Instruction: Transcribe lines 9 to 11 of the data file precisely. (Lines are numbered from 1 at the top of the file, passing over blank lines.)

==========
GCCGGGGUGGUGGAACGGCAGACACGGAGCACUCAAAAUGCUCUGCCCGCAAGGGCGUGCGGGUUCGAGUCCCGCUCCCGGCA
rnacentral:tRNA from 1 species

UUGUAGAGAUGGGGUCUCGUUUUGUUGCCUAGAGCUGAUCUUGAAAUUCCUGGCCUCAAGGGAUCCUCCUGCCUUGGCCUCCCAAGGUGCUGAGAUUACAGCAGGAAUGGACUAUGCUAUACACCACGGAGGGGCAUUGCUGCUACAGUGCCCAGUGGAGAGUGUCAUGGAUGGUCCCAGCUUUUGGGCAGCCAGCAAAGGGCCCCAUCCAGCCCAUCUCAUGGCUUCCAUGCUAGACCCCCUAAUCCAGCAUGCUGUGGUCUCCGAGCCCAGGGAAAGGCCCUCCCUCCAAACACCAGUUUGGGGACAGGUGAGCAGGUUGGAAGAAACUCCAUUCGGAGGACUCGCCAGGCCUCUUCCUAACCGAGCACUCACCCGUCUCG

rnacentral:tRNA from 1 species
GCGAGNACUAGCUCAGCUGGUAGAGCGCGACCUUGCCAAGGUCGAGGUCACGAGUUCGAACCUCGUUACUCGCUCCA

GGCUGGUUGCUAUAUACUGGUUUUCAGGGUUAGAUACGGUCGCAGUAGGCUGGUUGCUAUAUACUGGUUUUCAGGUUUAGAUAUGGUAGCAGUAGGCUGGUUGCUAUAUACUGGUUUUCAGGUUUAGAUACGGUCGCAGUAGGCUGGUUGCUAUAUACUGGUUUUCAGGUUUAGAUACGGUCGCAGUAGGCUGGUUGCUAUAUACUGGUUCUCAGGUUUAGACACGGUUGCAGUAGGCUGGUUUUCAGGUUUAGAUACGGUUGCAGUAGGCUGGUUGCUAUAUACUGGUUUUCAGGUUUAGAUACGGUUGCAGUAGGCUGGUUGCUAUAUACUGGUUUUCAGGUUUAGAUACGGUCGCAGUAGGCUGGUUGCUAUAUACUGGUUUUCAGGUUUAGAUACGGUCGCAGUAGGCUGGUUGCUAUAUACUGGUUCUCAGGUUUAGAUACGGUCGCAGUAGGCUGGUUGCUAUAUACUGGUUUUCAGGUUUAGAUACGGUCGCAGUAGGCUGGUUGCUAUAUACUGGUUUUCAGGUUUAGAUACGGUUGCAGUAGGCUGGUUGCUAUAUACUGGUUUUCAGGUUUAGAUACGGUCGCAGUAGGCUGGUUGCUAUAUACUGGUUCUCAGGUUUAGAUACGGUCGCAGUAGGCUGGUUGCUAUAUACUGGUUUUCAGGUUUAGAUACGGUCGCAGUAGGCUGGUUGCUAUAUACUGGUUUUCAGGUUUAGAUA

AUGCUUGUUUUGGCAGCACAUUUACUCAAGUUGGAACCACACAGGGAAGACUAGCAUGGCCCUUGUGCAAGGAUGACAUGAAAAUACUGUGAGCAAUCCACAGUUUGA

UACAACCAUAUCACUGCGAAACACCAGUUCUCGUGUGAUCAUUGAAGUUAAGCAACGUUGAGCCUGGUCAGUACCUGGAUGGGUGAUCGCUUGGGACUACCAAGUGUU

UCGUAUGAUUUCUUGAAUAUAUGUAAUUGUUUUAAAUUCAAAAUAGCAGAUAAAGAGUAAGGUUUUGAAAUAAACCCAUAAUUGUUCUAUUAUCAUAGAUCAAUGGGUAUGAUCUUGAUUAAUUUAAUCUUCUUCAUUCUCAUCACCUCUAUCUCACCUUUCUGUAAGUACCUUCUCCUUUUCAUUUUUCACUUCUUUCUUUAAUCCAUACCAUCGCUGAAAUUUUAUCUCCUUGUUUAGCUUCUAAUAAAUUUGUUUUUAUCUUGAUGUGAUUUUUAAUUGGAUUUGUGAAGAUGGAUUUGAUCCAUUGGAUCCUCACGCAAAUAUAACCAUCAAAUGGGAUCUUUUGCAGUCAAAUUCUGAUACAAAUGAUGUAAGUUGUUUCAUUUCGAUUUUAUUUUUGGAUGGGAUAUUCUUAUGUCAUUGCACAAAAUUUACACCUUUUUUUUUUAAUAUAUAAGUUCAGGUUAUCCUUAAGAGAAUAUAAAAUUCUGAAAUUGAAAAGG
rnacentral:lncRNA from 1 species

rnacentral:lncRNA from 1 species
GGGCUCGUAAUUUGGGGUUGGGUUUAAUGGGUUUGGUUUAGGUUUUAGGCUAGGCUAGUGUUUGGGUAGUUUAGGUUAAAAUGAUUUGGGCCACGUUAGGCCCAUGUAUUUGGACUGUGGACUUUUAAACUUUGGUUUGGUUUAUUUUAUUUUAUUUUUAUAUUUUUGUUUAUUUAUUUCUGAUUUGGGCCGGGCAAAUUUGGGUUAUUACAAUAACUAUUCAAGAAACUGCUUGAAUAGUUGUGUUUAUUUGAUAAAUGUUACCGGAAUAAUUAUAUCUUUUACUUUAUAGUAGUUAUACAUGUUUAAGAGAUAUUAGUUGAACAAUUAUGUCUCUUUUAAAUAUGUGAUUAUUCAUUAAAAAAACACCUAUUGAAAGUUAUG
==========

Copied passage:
UCGUAUGAUUUCUUGAAUAUAUGUAAUUGUUUUAAAUUCAAAAUAGCAGAUAAAGAGUAAGGUUUUGAAAUAAACCCAUAAUUGUUCUAUUAUCAUAGAUCAAUGGGUAUGAUCUUGAUUAAUUUAAUCUUCUUCAUUCUCAUCACCUCUAUCUCACCUUUCUGUAAGUACCUUCUCCUUUUCAUUUUUCACUUCUUUCUUUAAUCCAUACCAUCGCUGAAAUUUUAUCUCCUUGUUUAGCUUCUAAUAAAUUUGUUUUUAUCUUGAUGUGAUUUUUAAUUGGAUUUGUGAAGAUGGAUUUGAUCCAUUGGAUCCUCACGCAAAUAUAACCAUCAAAUGGGAUCUUUUGCAGUCAAAUUCUGAUACAAAUGAUGUAAGUUGUUUCAUUUCGAUUUUAUUUUUGGAUGGGAUAUUCUUAUGUCAUUGCACAAAAUUUACACCUUUUUUUUUUAAUAUAUAAGUUCAGGUUAUCCUUAAGAGAAUAUAAAAUUCUGAAAUUGAAAAGG
rnacentral:lncRNA from 1 species

rnacentral:lncRNA from 1 species